How NMR magnetometers work
A quantum effect
If a nucleus has spin, it tends to align itself to an external magnetic field. However, by giving it exactly the right additional amount of energy, the nucleus can be induced to flip into the opposite spin state. Nuclear Magnetic Resonance (NMR) occurs when a radio-frequency field applied to a sample is just the right frequency – called the Larmor frequency – to induce this spin-flip. Electron Paramagnetic Resonance (EPR) is a similar effect, with an electron rather than a nucleus.
It turns out that the energy difference between the aligned and counter-aligned nuclear states depends linearly on the field strength. Thus the ratio of the resonant frequency to field strength is a physical constant, called the gyromagnetic ratio (gamma). It is approximately 42.5 MHz/T for protons (hydrogen nuclei).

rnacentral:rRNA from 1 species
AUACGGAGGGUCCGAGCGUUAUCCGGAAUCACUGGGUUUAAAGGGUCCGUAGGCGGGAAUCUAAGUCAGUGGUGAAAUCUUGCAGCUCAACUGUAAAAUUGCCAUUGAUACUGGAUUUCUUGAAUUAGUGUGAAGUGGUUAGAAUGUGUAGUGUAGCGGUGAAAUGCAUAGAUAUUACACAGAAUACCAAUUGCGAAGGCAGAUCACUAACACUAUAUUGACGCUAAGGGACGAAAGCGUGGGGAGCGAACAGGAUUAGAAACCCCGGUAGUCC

Other nuclei also exhibit NMR, but with a different gamma, for example, 6.5 MHz/T for deuterium and 40 MHz/T for fluorine. EPR has a much higher gamma, approximately 28 GHz/T.
Limitations: measurement rate
After a resonance, the sample is usually allowed to shed the absorbed energy and regain its original, spin-aligned state. This limits the measurement rate to around 10-100 Hz. Also, to reduce the variability, many such measurements are often averaged together, yielding effective measurement rates approaching a second. Therefore, NMR is usually only useful for slowly changing fields.
If the field is not uniform, one edge of the sample will resonate at a different frequency from the other side. The resonance peak broadens and flattens until it completely disappears in the noise. This phenomenon determines the field homogeneity limit of NMR.
New-generation NMR field mappers, for MRI and small-bore magnets
Precision field measurement
Precision field mapping
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